[PSYCH 303] - Midterm Exam Guide - Everything you need to know! (24 pages long)

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7 Feb 2017
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PSYCH 303
MIDTERM EXAM
STUDY GUIDE
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January 9, 2016
Research Methods
Critical questions
How many participants were in each study?
Were the participants randomly selected?
Were there differences between participants in the two groups?
How was “capable of empathy and theory of mind” measured?
Framework for consuming research
What type of claim is being made?
Three types
Compared to what?
What is the evidence to support it?
Four validities
How were the data collected?
How big was the effect
Do the results generalize to my situation
Are there any likely confounds?
Is the media accurately summarizing scholarly research?
Understanding research
Theory-data
Cycle
Informal observations/practical problems
Leads to research questions
Research questions can be answered by empirical studies or by looking at older
research literature
Empirical study leads to data analysis
Analysis leads to conclusions
Conclusions can be published in research literature
Research literature can lead to more research questions
Classic example
Why do babies bond with caregivers?
Cupboard theory
Mother’s value lies in providing food and other important resources
Contact comfort theory (Harlow, 1958)
Physical contact with mother’s fur/skin is itself rewarding
Can you test these competing theories by simply observing babies/mothers as they are
naturally?
Harlow found a natural confound and so he created artificial “mothers” who provided
only one or the other
Hypothesis
Babies will prefer mother that provides food more than coziness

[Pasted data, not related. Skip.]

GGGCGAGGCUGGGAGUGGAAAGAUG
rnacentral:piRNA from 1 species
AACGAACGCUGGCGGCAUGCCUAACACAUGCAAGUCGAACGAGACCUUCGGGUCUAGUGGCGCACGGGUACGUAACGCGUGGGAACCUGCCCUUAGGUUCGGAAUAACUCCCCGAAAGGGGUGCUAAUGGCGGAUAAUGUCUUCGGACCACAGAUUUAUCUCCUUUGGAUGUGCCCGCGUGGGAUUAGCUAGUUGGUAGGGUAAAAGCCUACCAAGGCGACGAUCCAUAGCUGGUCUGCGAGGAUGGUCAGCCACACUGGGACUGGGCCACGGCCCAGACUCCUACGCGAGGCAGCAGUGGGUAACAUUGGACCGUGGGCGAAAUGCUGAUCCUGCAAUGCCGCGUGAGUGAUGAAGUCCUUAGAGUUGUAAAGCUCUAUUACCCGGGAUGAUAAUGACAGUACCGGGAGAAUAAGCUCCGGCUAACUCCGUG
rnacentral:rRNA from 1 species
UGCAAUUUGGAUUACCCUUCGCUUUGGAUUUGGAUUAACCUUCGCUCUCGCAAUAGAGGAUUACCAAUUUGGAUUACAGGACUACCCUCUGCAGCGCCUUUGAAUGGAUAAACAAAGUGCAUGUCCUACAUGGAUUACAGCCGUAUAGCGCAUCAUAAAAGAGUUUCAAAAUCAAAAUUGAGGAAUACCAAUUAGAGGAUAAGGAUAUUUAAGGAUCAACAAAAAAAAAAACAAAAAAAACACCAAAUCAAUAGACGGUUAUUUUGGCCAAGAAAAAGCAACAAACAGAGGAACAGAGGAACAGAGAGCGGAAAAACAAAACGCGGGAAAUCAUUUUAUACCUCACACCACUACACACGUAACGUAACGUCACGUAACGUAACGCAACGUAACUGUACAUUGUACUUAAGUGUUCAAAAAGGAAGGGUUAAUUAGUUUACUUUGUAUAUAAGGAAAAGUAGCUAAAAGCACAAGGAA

Data
How much time does baby choose to spend with each mother
Monkeys spend almost all their time with the cloth mother in comparison to the wire
mother, which they use just when hungry
How do Harlow’s data impact the theories?
Are there other explanations for the data?
Is the theory falsifiable?
Does this finding generalize to all animals, including people?
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Is it ethical to raise babies who only have a wire or cloth mom?
Can we trust Harlow’s claims?
Published his study, titled “The nature of love,” as a Presidential Address from the
1958 APA convention, meaning it was not peer-reviewed
The peer-reviewed version came out the next year, retitled to “Affectional responses in
the the infant monkey”
Peer review
Main way research enters literature
Provides expert scrutiny
Research is sent to three people unaffiliated with the research in order for them to give
criticism
Gatekeeper
Some papers are never published because peer reviewers say the research is not good
or has been previously proven
Opportunity to correct flaws or exaggerations in the presentation of research
Journal to journalism
Journey from “scholarly” to “popular”
Most of our exposure to research is via the popular press
There’s a much larger body of research that is only reported in scholarly journals and is
never seen by the vast public
Finding and reading about research
Popular outlet
Newspaper/magazines/radio
Blogs
Authored books and blogs
Scholarly outlets
Authored books (some), edited books, handbooks and reviews
Not new empirical findings
Only trustworthy if they utilize a lot of scientific citations
Conference presentations and papers
Conference reviewers are reviewed more “loosely”
Reviews are shorter and performed with less expertise
Take conference papers with a grain of salt
Journal articles
Empirical
The most important source for novel research
Most will be in APA style
Includes Methods and Results section
Meta-analysis
A summary and comparison of a bunch of articles centering on the same topic of
research
Not new data, just data someone else recorded and published
Reviews (e.g., Annual Review of Psychology)
Summary of content of a study, but not helpful for learning research methodology
(i.e. how the research was done)
Origin of beliefs
Our intuitions are biased by memory
Pop-up principle (availability heuristic)
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